Director of Creative Writing Charlotte Holmes and retiring Professor Robin Becker.

Recently retired as Liberal Arts Research Professor of English, Women’s Gender and Sexuality Studies, Becker was a venerated mentor for graduate, undergraduate, and returning students. In class, she encouraged them to consider their work and the work of their classmates as curious objects, rather than flawed drafts. She taught writers to value themselves, their time, and their efforts.

Many former students have gone on to publish books and win awards, including The APR/Honickman First Book Prize and The A. Poulin, Jr. Poetry Prize. Students from her book reviewing class regularly publish in Harvard Review, Georgia Review, Publisher’s Weekly, Book News, The Women’s Review of Books, and many other outlets; some became editors at PANK!, Literary Mama, and The Los Angeles Review. Still others now teach and direct creative writing programs at colleges and universities across the country.

In the midst of this service, Becker also published seven books, served as Poetry Editor at the Women’s Review of Books and served as Penn State Laureate for 2010-2011.

This award will continue her legacy of literary citizenship. While the 30-day campaign has closed, the campaign website is still available to offer an overview of Professor Becker’s career at Penn State, video and written testimonials from former students, and a description the impact the award will make in the future.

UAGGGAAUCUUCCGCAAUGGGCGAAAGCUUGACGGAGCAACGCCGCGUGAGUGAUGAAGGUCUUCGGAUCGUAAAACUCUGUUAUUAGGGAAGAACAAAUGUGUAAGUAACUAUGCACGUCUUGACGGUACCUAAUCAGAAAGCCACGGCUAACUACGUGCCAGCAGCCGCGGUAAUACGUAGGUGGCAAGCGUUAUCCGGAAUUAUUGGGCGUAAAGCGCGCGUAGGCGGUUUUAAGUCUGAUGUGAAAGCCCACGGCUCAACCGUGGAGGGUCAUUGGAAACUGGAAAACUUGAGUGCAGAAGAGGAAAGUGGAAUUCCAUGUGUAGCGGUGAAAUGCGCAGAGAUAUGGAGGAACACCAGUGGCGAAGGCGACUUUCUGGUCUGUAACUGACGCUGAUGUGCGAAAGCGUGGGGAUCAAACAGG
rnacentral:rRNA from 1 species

Although the initial phase of the campaign has concluded, additional gifts to the award fund are still welcome and can be made at any time by visiting

Penn State Welcomes Two New Poets to CW Program in Fall

At the end of the spring 2017 semester, we mark the retirement of two poets in the English Department: Professor Robin Becker and Senior Lecturer James Brasfield.

On the heels of these longtime faculty  members’ departures, we are happy to report the addition of two poets to the creative writing program in the fall 2017 semester.

Shara McCallum

Shara McCallum  will join the Penn State creative writing faculty as a full-time professor after serving as the Director of the Stadler Center for Poetry at Bucknell.  McCallum received her BA from the University of Miami, her MFA from the University of Maryland, and her PhD in Poetry and African American and Caribbean Literature from Binghamton University. She is the author of The Face of Water: New and Selected Poems, This Strange Land, Song of Thieves, The Water Between Us, and the recently published Madwoman. McCallum’s poems have appeared in publications in the US, the UK, the Caribbean, Latin America, and Israel, and have been translated into Spanish, French, Italian, and Romanian. Recognition for her work includes a Witter Bynner Fellowship from the Library of Congress and a National Endowment for the Arts Poetry Fellowship, among other awards.